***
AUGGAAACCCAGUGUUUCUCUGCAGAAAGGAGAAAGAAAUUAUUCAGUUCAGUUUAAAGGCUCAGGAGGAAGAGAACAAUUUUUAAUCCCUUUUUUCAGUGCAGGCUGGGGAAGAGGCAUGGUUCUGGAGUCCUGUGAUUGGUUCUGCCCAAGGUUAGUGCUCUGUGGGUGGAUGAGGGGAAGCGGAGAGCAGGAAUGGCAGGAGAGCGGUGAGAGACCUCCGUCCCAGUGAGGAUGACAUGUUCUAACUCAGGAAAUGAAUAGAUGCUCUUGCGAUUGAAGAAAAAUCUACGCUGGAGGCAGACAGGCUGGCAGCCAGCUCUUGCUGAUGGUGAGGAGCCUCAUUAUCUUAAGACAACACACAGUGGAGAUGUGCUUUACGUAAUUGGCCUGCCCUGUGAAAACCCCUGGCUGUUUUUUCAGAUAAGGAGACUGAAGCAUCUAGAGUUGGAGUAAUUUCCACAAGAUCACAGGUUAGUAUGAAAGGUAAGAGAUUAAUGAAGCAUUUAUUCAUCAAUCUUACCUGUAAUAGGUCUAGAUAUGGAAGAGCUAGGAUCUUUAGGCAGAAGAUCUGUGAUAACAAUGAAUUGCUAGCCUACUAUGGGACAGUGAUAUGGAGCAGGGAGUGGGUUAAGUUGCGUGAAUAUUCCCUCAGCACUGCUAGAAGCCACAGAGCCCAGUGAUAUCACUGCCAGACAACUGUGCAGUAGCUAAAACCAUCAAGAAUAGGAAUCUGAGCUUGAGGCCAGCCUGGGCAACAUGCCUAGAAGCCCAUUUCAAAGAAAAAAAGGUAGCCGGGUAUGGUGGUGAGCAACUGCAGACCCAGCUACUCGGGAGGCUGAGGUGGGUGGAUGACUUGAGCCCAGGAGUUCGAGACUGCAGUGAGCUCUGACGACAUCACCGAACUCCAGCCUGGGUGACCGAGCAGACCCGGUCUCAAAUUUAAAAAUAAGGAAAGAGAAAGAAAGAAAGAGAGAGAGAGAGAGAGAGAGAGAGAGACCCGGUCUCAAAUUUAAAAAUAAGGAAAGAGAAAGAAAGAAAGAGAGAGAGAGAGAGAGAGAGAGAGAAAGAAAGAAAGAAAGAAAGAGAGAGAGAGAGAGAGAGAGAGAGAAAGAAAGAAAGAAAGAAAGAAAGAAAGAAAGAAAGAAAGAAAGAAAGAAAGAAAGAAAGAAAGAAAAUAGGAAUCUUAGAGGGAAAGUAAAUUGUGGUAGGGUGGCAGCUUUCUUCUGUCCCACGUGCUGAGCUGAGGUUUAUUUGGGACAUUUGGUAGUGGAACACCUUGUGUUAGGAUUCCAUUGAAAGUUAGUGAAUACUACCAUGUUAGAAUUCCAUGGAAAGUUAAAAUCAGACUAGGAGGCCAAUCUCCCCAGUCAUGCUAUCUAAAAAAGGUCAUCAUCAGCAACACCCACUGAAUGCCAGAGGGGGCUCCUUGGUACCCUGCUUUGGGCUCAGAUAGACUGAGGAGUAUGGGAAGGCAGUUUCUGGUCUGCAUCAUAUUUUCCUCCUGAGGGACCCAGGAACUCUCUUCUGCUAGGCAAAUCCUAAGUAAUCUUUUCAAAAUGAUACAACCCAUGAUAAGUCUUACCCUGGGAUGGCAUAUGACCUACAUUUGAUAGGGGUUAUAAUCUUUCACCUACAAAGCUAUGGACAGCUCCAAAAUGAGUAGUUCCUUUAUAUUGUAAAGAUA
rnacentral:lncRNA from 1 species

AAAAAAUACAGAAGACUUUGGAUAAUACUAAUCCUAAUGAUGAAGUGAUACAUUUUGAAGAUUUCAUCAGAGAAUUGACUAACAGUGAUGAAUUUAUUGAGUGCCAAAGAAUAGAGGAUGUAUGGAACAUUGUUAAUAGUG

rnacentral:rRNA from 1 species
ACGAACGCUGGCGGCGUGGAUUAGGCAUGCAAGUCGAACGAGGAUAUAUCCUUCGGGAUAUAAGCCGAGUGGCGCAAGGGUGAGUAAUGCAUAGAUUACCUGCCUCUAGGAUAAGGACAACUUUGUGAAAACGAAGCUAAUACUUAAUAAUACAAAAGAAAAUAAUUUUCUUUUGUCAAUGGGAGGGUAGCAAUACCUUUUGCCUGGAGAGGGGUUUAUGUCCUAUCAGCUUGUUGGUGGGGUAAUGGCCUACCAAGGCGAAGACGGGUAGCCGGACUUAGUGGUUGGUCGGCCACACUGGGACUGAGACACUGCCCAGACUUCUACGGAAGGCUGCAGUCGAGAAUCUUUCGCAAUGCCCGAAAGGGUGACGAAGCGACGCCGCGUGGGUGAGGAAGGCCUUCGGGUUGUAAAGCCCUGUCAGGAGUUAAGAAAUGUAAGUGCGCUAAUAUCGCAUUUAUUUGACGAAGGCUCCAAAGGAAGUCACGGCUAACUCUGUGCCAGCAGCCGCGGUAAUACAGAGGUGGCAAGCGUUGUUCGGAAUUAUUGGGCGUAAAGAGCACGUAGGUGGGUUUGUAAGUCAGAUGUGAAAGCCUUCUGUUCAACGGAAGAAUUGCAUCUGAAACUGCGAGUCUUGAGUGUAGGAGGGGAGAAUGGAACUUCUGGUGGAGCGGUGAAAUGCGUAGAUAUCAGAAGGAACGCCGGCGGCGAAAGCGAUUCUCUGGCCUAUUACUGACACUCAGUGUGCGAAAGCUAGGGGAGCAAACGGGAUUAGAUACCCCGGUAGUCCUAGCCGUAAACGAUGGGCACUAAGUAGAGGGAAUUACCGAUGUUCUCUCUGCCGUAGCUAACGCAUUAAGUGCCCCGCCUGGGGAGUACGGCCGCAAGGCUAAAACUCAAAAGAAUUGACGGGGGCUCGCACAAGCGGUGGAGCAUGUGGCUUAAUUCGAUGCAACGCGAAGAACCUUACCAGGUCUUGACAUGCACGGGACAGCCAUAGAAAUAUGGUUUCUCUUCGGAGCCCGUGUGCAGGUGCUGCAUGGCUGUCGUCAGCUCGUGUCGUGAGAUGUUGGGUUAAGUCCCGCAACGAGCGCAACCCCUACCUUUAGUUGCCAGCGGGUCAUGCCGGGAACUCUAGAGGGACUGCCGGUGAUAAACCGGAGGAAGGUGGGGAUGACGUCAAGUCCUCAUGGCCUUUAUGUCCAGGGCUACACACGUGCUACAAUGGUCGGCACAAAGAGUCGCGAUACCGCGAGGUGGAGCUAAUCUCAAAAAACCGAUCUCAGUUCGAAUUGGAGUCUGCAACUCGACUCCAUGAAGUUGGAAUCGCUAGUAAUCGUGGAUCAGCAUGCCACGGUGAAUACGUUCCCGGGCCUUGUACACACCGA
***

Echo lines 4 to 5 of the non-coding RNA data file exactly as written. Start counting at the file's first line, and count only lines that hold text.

rnacentral:rRNA from 1 species
ACGAACGCUGGCGGCGUGGAUUAGGCAUGCAAGUCGAACGAGGAUAUAUCCUUCGGGAUAUAAGCCGAGUGGCGCAAGGGUGAGUAAUGCAUAGAUUACCUGCCUCUAGGAUAAGGACAACUUUGUGAAAACGAAGCUAAUACUUAAUAAUACAAAAGAAAAUAAUUUUCUUUUGUCAAUGGGAGGGUAGCAAUACCUUUUGCCUGGAGAGGGGUUUAUGUCCUAUCAGCUUGUUGGUGGGGUAAUGGCCUACCAAGGCGAAGACGGGUAGCCGGACUUAGUGGUUGGUCGGCCACACUGGGACUGAGACACUGCCCAGACUUCUACGGAAGGCUGCAGUCGAGAAUCUUUCGCAAUGCCCGAAAGGGUGACGAAGCGACGCCGCGUGGGUGAGGAAGGCCUUCGGGUUGUAAAGCCCUGUCAGGAGUUAAGAAAUGUAAGUGCGCUAAUAUCGCAUUUAUUUGACGAAGGCUCCAAAGGAAGUCACGGCUAACUCUGUGCCAGCAGCCGCGGUAAUACAGAGGUGGCAAGCGUUGUUCGGAAUUAUUGGGCGUAAAGAGCACGUAGGUGGGUUUGUAAGUCAGAUGUGAAAGCCUUCUGUUCAACGGAAGAAUUGCAUCUGAAACUGCGAGUCUUGAGUGUAGGAGGGGAGAAUGGAACUUCUGGUGGAGCGGUGAAAUGCGUAGAUAUCAGAAGGAACGCCGGCGGCGAAAGCGAUUCUCUGGCCUAUUACUGACACUCAGUGUGCGAAAGCUAGGGGAGCAAACGGGAUUAGAUACCCCGGUAGUCCUAGCCGUAAACGAUGGGCACUAAGUAGAGGGAAUUACCGAUGUUCUCUCUGCCGUAGCUAACGCAUUAAGUGCCCCGCCUGGGGAGUACGGCCGCAAGGCUAAAACUCAAAAGAAUUGACGGGGGCUCGCACAAGCGGUGGAGCAUGUGGCUUAAUUCGAUGCAACGCGAAGAACCUUACCAGGUCUUGACAUGCACGGGACAGCCAUAGAAAUAUGGUUUCUCUUCGGAGCCCGUGUGCAGGUGCUGCAUGGCUGUCGUCAGCUCGUGUCGUGAGAUGUUGGGUUAAGUCCCGCAACGAGCGCAACCCCUACCUUUAGUUGCCAGCGGGUCAUGCCGGGAACUCUAGAGGGACUGCCGGUGAUAAACCGGAGGAAGGUGGGGAUGACGUCAAGUCCUCAUGGCCUUUAUGUCCAGGGCUACACACGUGCUACAAUGGUCGGCACAAAGAGUCGCGAUACCGCGAGGUGGAGCUAAUCUCAAAAAACCGAUCUCAGUUCGAAUUGGAGUCUGCAACUCGACUCCAUGAAGUUGGAAUCGCUAGUAAUCGUGGAUCAGCAUGCCACGGUGAAUACGUUCCCGGGCCUUGUACACACCGA